It is for this reason that they become the torch bearers under the most trying circumstances. When democratic South Africa was able for the first time to celebrate their bravery and affirm its confidence in them on June 16 last year, I took the opportunity to announce the setting up of our Children's Fund, thus we could help redeem our children's suffering by joining them in building a happy tomorrow. The Fund aims to contribute, in a humble manner to the elevation of the plight of young people who are homeless, those who have not had the benefit of formal education, and those in detention or prison.

At midnight one day, I came out of a well-known Cape Town hotel and a group of about 15 to 20 street children came running towards me and security, as it was their duty, tried to prevent them. I appealed to security to allow the children through. And the first question they asked: "Why do you love us?" There was a lot of meaning behind that question because they were saying, "We are outcasts of society, nobody gives us parental love, happiness and security. We have no future." I therefore took the question seriously and I said, "How do you know I love you?" They said, "When you got money overseas, you shared that with us." They meant the Nobel Peace Prize. I then said, "I am not the only person who loves you. Practically every South African loves you, including your mothers and fathers, wherever they are." But the problem is that they did not have the fortune that I had of getting some money without working for it, and I could therefore afford to share it with you. You have to see those children at midnight, with hunger written across their faces, their bodies, tiny bodies covered by rags, filth, but never-the-less as human beings. It is that situation which has made many South African's contribute to the Children's Fund, because they are aware that they have to contribute in order to make the future of these outcasts of society, the future of our country, to feel that they can play a positive role in serving the nation.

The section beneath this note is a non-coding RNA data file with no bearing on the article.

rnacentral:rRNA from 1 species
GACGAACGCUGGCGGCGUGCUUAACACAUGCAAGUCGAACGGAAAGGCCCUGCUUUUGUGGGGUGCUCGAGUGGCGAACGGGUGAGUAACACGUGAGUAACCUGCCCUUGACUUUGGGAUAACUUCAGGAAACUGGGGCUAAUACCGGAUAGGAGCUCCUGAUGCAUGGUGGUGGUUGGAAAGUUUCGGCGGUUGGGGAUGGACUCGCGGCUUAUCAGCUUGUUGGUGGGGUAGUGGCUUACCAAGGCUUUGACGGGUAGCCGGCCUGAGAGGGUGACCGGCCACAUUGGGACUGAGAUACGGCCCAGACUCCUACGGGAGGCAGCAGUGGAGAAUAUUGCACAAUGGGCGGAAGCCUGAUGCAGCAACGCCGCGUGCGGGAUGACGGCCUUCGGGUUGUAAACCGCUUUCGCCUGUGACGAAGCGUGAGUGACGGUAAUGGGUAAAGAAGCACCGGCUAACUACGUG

Today's premiere of Cry, the Beloved Country confirms once more our confidence in the future. It is causes such as this which brings to the fore, men and women of good will and talent -- Anant Singh, Darrell Roodt, Vusi Kunene, Leleti Khumalo -- and others belong in that category and with them most profoundly for this most fine work of art. The talent and creativity that was virtually unrecognized under apartheid is able today to shine combined with the skill and experience of compassionate friends of South Africa, such as James Earl Jones, and Richard Harris, this film and its messages reinforced our friendship across oceans and adds value to the treasure house of culture in general.

We thank all those who contributed in this film for your generosity. You have not only identified the difficulties issuing from the past, but by setting the scene for the launch tonight of friends of the Children's Fund you are contributing to finding the answers. We are grateful for your efforts. By investing in the youth, you are investing in the future. I thank you.

(back to World Premiere page)


© Copyright 1995 - 1998 by Miramax Films.
Paper Edition © Copyright 1948 by Alan Paton
© Copyright 1995 - 1998 Online Edition by OBS. All rights reserved.
These pages are designed to be viewed with Netscape!